“Speak your mind!” yelled the bumper sticker I saw the other day, “even if your voice is shaking.” I had a lot of time to think about this challenge and other things as I lay damaged, immune system in overdrive, fighting off a severe case of strep throat. It hit without warning last week, following my Wednesday night shift of editing. Strep, of all things. I hadn’t had an illness this severe in at least 10 years. In 1990, after finishing a particularly tough several months on an engineering project in Montana, while on a road trip with Dr. Andres Fortino, I also contracted strep throat. No, him being a doctor didn’t help (except for moral support), his doctorate being in Electrical Engineering.
Then, as now, the illness gave me time to reflect on life. An affliction that has you “by the throat” is symbolic in many ways: cutting off intake of air, food, and water, and more importantly-in terms of symbolism-cutting off or frustrating your ability to speak. And speaking is one thing, taking a stand is another. How many people never speak their mind? And for those people, what do the words they do speak exactly mean?
My reflection began with a lot of frustration. The illness was costing me money, time, my reputation with clients. Such thoughts get you nowhere, and I began to look at the deeper meaning in my life. I was watching a lot of TV. Since I make television, it’s not normally recreation for me. So to veg out with the remote for four or five days was a unique experience.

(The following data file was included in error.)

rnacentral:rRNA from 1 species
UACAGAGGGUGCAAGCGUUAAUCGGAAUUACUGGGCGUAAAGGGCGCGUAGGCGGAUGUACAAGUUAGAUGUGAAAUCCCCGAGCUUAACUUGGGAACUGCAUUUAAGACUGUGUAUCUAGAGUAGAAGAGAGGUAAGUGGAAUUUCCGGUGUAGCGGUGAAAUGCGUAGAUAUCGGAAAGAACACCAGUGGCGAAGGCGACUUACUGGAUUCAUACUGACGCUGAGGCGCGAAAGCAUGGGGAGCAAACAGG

I learned (once again) that TV is very good at fulfilling its purpose, which is to sell products. This may seem obvious, but until you’ve actually seen the same promo for the same cheesy made-for-TV-movie over 100 times in the space of a few days, you don’t fully appreciate the degree to which this is true. Now don’t get me wrong, I like and respect the people I work with, and I enjoy my job. There are thousands of brilliant people who pour their life’s energy into making great television. There’s actually something for almost everyone to enjoy. And advertising and promotion are the grease that keeps the economy moving, people employed, and are an essential part of the world as we know it.
So what was bugging me?
This little point about speaking my mind. In my work, I don’t often make creative decisions about content. My job is to refine or improve upon the work of others. The outcome is out of my hands. Leaving me without a voice of my own through my work. Even talented film editors work to fulfill a directors vision. Although this can be a collaborative effort, my chosen profession is not one for the auteur.
For years I have struggled with the many contradictions that life presents, from those encountered in my upbringing in a highly regimented cult environment, to the equally baffling hypocrisies of the rest of the world. Too weak to read or write, I lay in bed absorbing the stream of programming from my 100-channel universe. I began to be disturbed by what felt like a literal sea of conformity. People think there’s too much sex or violence on TV? People think that their kids will be corrupted by what they see? What I saw over the space of 5 days was so watered down, so utterly non-offensive, it made me want to puke. Ironically, MTV and VH1 while purveying music that has always represented rebellion, have been forced to censor artists. What they present is like much of the rest of TV, deeply sanitized by mutual agreement. (The funniest part of my TV experience was watching really nasty criminals in audio-censored movies saying things like “Gosh, darn it!” and “Gol, dang it!” over and over again.)